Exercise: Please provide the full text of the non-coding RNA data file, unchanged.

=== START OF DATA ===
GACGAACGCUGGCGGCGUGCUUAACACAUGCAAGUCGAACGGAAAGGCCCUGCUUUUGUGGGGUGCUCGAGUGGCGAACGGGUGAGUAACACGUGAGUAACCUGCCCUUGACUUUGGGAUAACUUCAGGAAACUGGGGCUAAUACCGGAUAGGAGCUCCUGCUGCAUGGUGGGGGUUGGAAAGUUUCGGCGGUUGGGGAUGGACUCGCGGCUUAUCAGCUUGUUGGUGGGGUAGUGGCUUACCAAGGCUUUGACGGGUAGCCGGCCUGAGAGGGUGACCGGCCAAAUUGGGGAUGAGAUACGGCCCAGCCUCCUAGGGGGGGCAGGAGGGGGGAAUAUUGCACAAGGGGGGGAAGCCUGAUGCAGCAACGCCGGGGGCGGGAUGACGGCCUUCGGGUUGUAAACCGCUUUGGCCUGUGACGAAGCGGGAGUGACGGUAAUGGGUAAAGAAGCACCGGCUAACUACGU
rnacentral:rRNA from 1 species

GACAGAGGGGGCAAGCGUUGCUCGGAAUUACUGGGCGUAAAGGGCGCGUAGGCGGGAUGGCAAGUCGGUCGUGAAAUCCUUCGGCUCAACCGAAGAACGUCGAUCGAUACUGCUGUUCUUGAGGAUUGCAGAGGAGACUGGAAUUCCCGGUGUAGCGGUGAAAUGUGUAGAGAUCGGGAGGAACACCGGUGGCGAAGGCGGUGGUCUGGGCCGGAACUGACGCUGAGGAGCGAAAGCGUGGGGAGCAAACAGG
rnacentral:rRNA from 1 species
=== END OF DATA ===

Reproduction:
GACGAACGCUGGCGGCGUGCUUAACACAUGCAAGUCGAACGGAAAGGCCCUGCUUUUGUGGGGUGCUCGAGUGGCGAACGGGUGAGUAACACGUGAGUAACCUGCCCUUGACUUUGGGAUAACUUCAGGAAACUGGGGCUAAUACCGGAUAGGAGCUCCUGCUGCAUGGUGGGGGUUGGAAAGUUUCGGCGGUUGGGGAUGGACUCGCGGCUUAUCAGCUUGUUGGUGGGGUAGUGGCUUACCAAGGCUUUGACGGGUAGCCGGCCUGAGAGGGUGACCGGCCAAAUUGGGGAUGAGAUACGGCCCAGCCUCCUAGGGGGGGCAGGAGGGGGGAAUAUUGCACAAGGGGGGGAAGCCUGAUGCAGCAACGCCGGGGGCGGGAUGACGGCCUUCGGGUUGUAAACCGCUUUGGCCUGUGACGAAGCGGGAGUGACGGUAAUGGGUAAAGAAGCACCGGCUAACUACGU
rnacentral:rRNA from 1 species

GACAGAGGGGGCAAGCGUUGCUCGGAAUUACUGGGCGUAAAGGGCGCGUAGGCGGGAUGGCAAGUCGGUCGUGAAAUCCUUCGGCUCAACCGAAGAACGUCGAUCGAUACUGCUGUUCUUGAGGAUUGCAGAGGAGACUGGAAUUCCCGGUGUAGCGGUGAAAUGUGUAGAGAUCGGGAGGAACACCGGUGGCGAAGGCGGUGGUCUGGGCCGGAACUGACGCUGAGGAGCGAAAGCGUGGGGAGCAAACAGG
rnacentral:rRNA from 1 species